A recent study finds that the number of inmates released from state prison in California and returned to custody has declined since the implementation of Realignment (AB 109).
Three years after the program to send some parole violators and non-violent, non-serious offenders to local correction authorities, the Public Policy Institute of California (PPIC) researched the effectiveness of Realignment to see if recidivism in the state had been reduced.
“Prior to the implementation of California’s 2011 public safety realignment (AB 109), the state’s prison system had one of the nation’s highest recidivism rates,” PPIC reported.
“Authorities frequently used parole revocations rather than new criminal prosecutions to return parolees arrested for technical parole violations,” PPIC reported.
The report said it did not see huge changes in the arrest or conviction rates of released offenders, which offers evidence that “offender behavior has not changed substantially.”
PPIC reported the law, post-Realignment, makes it difficult to return some released inmates to state prison.
“Recidivism is a fundamentally important
issue if we are to be smart on crime”
It was reported by PPIC that “Realignment has, as intended, led to a considerable 33 percentage point drop in the proportion of released inmates who are returned to state prison. This demonstrates that realignment has made substantial progress in one of its main goals: reducing the use of prison as a sanction for parole violations and minor criminal offenses.”
According to PPIC, the law (AB 109) has “ceased the flow of released inmates back to prison. As a result, prison and state parole populations have dropped dramatically.”
The report said that prior to Realignment many parole violators “would probably be in prison,” but they are “no longer behind bars.”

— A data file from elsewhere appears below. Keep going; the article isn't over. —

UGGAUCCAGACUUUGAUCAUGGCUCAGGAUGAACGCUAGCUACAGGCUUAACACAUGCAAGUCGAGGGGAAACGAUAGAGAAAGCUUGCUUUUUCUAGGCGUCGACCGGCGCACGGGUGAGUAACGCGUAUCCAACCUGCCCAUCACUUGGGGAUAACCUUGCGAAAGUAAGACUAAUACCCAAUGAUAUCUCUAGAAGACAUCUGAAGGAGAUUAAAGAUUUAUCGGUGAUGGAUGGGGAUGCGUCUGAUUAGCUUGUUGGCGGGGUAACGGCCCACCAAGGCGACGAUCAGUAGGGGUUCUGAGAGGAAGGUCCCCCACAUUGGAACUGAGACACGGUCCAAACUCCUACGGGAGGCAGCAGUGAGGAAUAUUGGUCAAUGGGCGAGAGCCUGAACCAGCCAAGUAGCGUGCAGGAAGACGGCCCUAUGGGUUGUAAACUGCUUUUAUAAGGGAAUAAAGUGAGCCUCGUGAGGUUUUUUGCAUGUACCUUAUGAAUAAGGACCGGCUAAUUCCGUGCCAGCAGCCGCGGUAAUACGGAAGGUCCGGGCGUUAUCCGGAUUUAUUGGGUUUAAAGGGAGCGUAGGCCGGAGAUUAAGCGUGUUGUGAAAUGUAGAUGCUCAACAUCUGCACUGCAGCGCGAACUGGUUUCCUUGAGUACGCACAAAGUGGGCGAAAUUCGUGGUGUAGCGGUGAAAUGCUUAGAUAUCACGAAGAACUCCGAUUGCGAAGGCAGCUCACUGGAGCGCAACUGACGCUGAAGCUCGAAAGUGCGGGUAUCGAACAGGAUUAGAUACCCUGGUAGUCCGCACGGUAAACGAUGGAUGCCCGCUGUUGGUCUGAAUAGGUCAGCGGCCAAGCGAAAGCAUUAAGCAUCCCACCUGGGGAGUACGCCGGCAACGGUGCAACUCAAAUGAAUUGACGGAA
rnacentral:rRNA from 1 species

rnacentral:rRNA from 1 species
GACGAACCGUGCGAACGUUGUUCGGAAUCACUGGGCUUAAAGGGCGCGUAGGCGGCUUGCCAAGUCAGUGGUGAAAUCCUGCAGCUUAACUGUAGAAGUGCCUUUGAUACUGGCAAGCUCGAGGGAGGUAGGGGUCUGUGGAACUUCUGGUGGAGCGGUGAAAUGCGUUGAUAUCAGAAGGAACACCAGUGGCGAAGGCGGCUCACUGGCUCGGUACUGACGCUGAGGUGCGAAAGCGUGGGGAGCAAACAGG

In contrast to these findings, PPIC found the number of offenders arrested multiple times increased by 7 percent. “These higher multiple arrest rates may reflect the substantial increase in the time released offenders spend on the streets – a result of counties’ limited jail capacity.”
PPIC reported that the reform now increases the “street time” of former prisoners.
According to PPIC, the California Department of Corrections and Rehabilitation (CDCR) reported offender arrest and conviction rates “apparently declined in each month of the post-realignment period.”
“Prisoners released post-realignment are less likely to be like the pre-reform ‘frequent flyers’ who cycled in and out of prison on parole revocations,” PPIC reported.
According to the report, California’s high return to custody, its recidivism rate, was due in large part to parole violations. “Realignment has all but ended the state’s practice of returning parolees to prison via the parole board.”
Attorney General Kamala Harris, in a recent notice to the state’s sheriffs, police chiefs, probation departments, district attorneys and other stakeholders, stressed the need for the state to assess strategies to reduce recidivism. She outlined her proposed statewide definition of recidivism as an arrest resulting in a charge filed by a prosecutor within three years of an individual’s release from incarceration or placement on supervision for a previous criminal conviction.
“Universally defining recidivism is a fundamentally important issue if we are to be smart on crime,” Harris said.
The news release said Harris created a recidivism reduction pilot program in Los Angeles County called Back on Track LA. While working as San Francisco’s district attorney, Harris in 2005 started the reentry program, Back on Track, to reduce recidivism rates among low-level, non-violent drug offenders.
Among several of PPIC’s other findings:
The reduction of inmate rates of return to state custody within a year of offenders’ release declined slightly; and post-realignment conviction increased by 1.2 percent, most being higher felony conviction rates.
“These efforts are necessary to reducing recidivism and relieving pressures on state prisons and county jails – which will ultimately allow California to reach its federally mandated prison population threshold,” the report concluded.